A future in protecting the environment

A future in protecting the environment

Ecosystem, sustainable development, renewable energies, carbon footprint, environmental protection: in recent decades, a number of terms that were previously only familiar to specialists have enriched our everyday vocabulary. We have become more aware of ecological challenges and the need to protect the environment. These are also issues we face in Switzerland. Here are five examples.

The image of Switzerland with lush green meadows where Heidi, a little brown-haired girl, runs without a care in the world is now perhaps somewhat dated, but it illustrates a reality that is still held closely in the hearts of many Swiss people: nature is a precious asset that needs to be preserved. Because, if Switzerland is a country where life is good and healthy, it is also thanks (some say) to the country’s extraordinary natural heritage. Here, a spotlight on some eco-friendly practices.

A future in protecting the environment

Waste recycling

Containers for sorting and recycling household waste have appeared on every street corner. Between 1990 and 2018, the proportion of waste recycled in Switzerland rose from 29 to 52%. Consumers separate out recyclable materials such as paper, cardboard, metal, aluminium, glass, green waste, PET bottles and electronic scrap and place them in separate recycling bins. Most people accepted and supported the refuse sack fees charged in almost all cantons, improvements to facilities for separating out recyclable materials and many measures to reduce the volume of waste, e.g. a charge on single-use plastic carrier bags in shops.

Dechetterie de Prangins (Vaud)
Rubbish disposal in Prangins (Vaud)

Wave of innovation

Envisaging and developing future environmental protection techniques: This could be a slogan for the flood of innovations on the environmental market. Technology parks, support for innovation, associations and other financing measures, the boom in ‘cleantech’ projects is unprecedented. One study on the subject that appeared in 2017 shows that the sector is booming, with a 25% increase in the number of jobs in the last five years and more than 200 start-ups in the last ten years. With some 4,000 patents per million inhabitants, making approximately 32,000 patents in all, Switzerland ranks first in terms of setting up green technology enterprises.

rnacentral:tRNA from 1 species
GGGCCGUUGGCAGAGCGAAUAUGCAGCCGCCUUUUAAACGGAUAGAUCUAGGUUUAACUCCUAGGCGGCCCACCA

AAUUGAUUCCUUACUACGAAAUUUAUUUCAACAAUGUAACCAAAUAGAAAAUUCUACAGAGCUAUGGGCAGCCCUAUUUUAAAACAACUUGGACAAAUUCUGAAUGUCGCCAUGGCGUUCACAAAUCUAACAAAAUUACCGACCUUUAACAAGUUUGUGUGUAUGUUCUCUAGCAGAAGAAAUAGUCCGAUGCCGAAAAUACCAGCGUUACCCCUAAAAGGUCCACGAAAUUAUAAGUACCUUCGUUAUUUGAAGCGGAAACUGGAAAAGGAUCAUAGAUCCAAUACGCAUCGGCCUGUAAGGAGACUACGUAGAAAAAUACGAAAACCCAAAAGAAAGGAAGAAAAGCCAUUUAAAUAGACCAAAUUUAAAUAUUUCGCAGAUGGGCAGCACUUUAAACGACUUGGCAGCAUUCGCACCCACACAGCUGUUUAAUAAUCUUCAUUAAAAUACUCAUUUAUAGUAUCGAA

Le bâtiment CEI 3 au Y-Parc - Swiss Technopole  © yves-andré.ch
The CEI 3 building at Y-Parc - Swiss Technopole © yves-andré.ch

Transport with low environmental impact

Switzerland, a leader in rail travel? Possibly, if one considers that the Swiss are Europe’s most regular users of the railways. Even though train travel is expensive, the level of comfort, the punctuality and frequency of trains, their state of cleanliness, and the quality and density of the network are criteria that the Swiss apply in their choice of mode of transport – add to this a growing environmental awareness, which in 2014 prompted more than 60% of the population to support a permanent fund for developing the country’s rail infrastructure. Another practice that the Swiss have enthusiastically taken to is car pooling. An increase throughout Switzerland of the car-pooling centres (more than 1,500) of Mobility Car, the country’s leader in this sector, and the fact that one resident in 60 makes use of this system clearly illustrate the willingness to use eco-friendly modes of transport.

Un train des chemins de fer fédéraux (SBB CFF FFS)
A Swiss Federal Railways (SBB CFF FFS) train

On track for success with clean energies

Solar energy, geothermal energy, heat pumps, wind turbines, hydroelectric power, wood... We are seeing a boom in clean energies. Hydroelectric power has always been the major local source of renewable energy (56%) in Switzerland. Now, though, a new generation of renewable energy sources is coming to the fore. Solar energy production has quadrupled here in five years, thanks to growing popularity of solar panels, 80% of which are installed on residential buildings. Switzerland's production of biogas has also doubled in the last 10 years to cover around one per cent of gas consumption. 

Barrage hydraulique dans le canton du Valais © Christoph Hurni
Hydropower dam in the canton of Valais © Christoph Hurni

Certification of best practice

Swiss consumers can trust a variety of energy labels. The Energy City label is a quality seal for communities which implement a sustainable communal energy policy that includes sustainable transport, waste disposal and environmentally responsible landscape management. Around 400 Swiss towns and communes have already received the label. In the building sector the Minergie label stands for energy efficiency, renewable energy and comfort. Around 47,000 buildings, providing a place to live or work for over a million people, have been certified since 2008. Minergie-P label buildings are regarded as meeting especially high sustainability standards. For many Swiss people, the Minergie label has now become a decisive factor when choosing an apartment or house. The Swiss Sustainable Building Standard SNBS includes many other sustainability criteria in addition to energy. The 2000 Watt Site is awarded to sites and neighbourhoods. It evaluates the energy sustainability of all phases from planning and construction to the running of new urban developments.

A future in protecting the environment